Taking a story literally or not, when I read a story in Chumash - again, believing everything is coming from God - whether or not that story actually happened has nothing to do with its message. Do you understand my point? If someone believes, it's like the flood story, so there's an argument - it happened or didn't happen - or the story of creation. It's not a question of when you study it, it's not coming to tell you this happened. Chumash is using that story to give you a message. Now it could be the story did happen. But even if it didn't happen, that only makes the story even more meaningful. It's a tricky point, but it's really important. Meaning, if you believe in God, if you believe in nevuah, if you believe this work is coming from God, if God makes up a story to teach you a lesson that doesn't make the story any less meaningful. In fact, it makes it more meaningful...Of course, Rabbi Leibtag starts with the belief that God wrote the Torah in its entirety, so I guess with this a priori assumption his point is valid. But at the same time, it seems to be nothing more than clever stretchin' and kvetchin'. His assertion can be used for apologists when encountering any piece of evidence - no matter how compelling - that the Torah may be a compilation of multiple source documents.
Do we keep Shabbat because God created in seven days, or does God create a creation story so that we would keep Shabbat in a meaningful way. Do you follow? The second approach is much more meaningful, it makes much more sense. It could be that it did take 7 days, but even if it didn't it wouldn't make any difference. The message you get from Sefer Bereshit, the meaning that you gain from studying the creation story in depth, and looking at schematics and the way it's setup, it's said so beautifully and so much depth to the story and this deep message with man's relationship with God. That message has nothing do with what happened in physics. Big bang, small bang, middle bang. It has nothing to do with it. That message is eternal. And if someone can prove to you that it didn't take six or seven days, so what? It doesn't mean a thing. And if God gives you that story to teach you a message, then it's only more meaningful if it didn't happen. Understand? So therefore that whole argument of whether something happened or not is trivial.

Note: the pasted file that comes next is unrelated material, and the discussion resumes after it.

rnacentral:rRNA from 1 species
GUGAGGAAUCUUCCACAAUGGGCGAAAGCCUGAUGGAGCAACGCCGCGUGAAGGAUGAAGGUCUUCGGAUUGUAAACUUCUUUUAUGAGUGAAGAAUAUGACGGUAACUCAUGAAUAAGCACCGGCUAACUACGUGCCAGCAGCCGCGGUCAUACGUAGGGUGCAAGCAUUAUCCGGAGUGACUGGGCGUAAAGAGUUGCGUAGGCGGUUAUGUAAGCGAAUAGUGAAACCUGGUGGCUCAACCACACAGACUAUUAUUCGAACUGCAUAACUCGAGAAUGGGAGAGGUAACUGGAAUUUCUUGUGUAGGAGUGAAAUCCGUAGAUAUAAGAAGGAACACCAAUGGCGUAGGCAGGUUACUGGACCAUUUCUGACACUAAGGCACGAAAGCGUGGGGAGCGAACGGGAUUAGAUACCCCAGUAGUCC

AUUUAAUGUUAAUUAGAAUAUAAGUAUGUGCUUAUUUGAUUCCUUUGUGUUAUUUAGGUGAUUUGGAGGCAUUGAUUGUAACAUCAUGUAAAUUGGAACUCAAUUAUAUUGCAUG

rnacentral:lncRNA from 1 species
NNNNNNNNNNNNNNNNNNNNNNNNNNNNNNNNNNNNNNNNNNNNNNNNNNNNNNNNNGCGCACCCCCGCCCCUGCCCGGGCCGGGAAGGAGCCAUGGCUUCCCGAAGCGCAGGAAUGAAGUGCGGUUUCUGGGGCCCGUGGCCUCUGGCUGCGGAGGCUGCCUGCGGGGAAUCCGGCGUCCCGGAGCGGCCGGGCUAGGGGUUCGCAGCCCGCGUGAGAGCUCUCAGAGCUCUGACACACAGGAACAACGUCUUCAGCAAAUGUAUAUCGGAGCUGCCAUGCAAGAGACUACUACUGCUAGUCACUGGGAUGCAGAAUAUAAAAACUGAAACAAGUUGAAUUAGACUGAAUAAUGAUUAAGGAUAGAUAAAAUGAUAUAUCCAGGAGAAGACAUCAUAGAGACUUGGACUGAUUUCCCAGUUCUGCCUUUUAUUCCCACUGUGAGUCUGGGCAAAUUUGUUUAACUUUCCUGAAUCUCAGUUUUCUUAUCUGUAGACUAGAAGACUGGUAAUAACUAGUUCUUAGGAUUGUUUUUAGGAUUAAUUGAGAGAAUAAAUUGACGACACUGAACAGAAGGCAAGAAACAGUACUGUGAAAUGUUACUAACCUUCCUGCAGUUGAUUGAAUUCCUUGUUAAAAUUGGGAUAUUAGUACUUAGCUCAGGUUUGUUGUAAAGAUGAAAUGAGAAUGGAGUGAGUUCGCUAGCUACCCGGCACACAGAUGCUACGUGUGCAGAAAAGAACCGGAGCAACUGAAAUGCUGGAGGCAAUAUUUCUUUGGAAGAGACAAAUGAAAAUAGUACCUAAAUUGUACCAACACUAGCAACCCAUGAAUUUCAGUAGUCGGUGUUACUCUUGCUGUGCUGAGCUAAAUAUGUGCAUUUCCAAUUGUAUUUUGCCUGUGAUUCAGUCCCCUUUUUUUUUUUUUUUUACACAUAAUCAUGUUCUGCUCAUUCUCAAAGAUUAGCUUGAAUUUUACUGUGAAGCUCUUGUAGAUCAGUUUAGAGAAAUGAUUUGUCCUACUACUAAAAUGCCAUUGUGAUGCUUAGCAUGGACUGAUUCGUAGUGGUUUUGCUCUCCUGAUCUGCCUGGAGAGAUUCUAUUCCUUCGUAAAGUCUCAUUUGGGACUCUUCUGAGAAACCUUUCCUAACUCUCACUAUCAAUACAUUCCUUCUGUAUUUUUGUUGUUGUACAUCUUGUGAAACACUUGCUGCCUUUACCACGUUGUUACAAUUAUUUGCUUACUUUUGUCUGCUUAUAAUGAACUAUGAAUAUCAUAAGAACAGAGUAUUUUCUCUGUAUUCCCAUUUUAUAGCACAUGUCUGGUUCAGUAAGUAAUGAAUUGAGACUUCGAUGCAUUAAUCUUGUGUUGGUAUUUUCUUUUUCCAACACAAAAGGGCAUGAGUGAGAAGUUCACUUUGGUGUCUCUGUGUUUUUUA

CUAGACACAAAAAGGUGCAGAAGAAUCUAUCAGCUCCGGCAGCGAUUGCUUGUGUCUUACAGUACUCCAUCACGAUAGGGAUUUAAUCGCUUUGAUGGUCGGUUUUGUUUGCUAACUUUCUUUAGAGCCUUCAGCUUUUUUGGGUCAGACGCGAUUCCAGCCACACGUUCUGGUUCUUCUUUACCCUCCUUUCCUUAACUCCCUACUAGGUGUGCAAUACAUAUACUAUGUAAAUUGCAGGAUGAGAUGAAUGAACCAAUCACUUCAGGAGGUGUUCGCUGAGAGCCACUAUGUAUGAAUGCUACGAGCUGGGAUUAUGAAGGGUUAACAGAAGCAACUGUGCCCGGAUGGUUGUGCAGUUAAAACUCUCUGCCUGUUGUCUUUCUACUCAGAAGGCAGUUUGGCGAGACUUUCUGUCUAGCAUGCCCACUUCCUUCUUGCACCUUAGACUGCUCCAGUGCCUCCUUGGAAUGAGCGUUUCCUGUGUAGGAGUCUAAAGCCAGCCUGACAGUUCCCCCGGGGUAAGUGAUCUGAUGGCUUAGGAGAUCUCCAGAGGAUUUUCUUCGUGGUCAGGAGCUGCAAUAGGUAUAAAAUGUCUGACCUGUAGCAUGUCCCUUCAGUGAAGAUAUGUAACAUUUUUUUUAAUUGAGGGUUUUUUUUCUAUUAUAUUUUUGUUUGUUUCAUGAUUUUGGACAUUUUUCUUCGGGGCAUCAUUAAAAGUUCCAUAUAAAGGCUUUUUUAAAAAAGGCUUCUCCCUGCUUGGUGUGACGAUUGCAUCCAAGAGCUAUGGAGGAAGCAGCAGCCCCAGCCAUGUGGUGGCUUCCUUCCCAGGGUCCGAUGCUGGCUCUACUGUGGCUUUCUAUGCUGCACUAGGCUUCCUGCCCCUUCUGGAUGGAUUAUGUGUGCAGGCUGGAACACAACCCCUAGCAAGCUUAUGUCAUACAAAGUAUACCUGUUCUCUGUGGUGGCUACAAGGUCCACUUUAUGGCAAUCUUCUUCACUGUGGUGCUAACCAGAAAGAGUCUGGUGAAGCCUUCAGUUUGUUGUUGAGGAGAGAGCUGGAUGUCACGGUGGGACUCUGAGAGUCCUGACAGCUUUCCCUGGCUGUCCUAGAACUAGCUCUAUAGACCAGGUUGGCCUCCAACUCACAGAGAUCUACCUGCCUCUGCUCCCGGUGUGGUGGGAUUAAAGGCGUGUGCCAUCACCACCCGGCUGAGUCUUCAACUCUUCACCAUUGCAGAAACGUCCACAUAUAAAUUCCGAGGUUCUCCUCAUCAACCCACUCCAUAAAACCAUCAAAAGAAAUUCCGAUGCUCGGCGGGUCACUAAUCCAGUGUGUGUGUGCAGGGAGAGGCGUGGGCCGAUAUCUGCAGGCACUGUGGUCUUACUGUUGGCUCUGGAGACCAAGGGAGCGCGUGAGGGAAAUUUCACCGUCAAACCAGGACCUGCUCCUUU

Now, the danger of that approach is where do you draw the line? You get fundamental fundamentalism where maybe that didn't happen, or maybe the avot didn't exist, maybe yetzias mitzrayim didn't happen, maybe I don't exist. Do you follow? You go on and on and you can't draw the line and therefore what usually happens is because I don't know where to draw the line you don't draw it at all. That's also dangerous.
So whaddya think?